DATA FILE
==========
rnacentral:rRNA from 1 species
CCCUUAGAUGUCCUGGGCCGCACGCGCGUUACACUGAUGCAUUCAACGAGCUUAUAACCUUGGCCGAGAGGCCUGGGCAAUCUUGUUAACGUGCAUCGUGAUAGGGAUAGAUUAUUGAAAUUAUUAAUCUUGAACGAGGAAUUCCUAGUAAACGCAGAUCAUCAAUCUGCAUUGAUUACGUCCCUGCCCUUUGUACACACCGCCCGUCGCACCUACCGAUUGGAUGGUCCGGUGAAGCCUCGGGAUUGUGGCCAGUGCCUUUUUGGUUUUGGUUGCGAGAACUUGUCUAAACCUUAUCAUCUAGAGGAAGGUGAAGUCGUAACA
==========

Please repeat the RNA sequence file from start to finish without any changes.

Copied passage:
rnacentral:rRNA from 1 species
CCCUUAGAUGUCCUGGGCCGCACGCGCGUUACACUGAUGCAUUCAACGAGCUUAUAACCUUGGCCGAGAGGCCUGGGCAAUCUUGUUAACGUGCAUCGUGAUAGGGAUAGAUUAUUGAAAUUAUUAAUCUUGAACGAGGAAUUCCUAGUAAACGCAGAUCAUCAAUCUGCAUUGAUUACGUCCCUGCCCUUUGUACACACCGCCCGUCGCACCUACCGAUUGGAUGGUCCGGUGAAGCCUCGGGAUUGUGGCCAGUGCCUUUUUGGUUUUGGUUGCGAGAACUUGUCUAAACCUUAUCAUCUAGAGGAAGGUGAAGUCGUAACA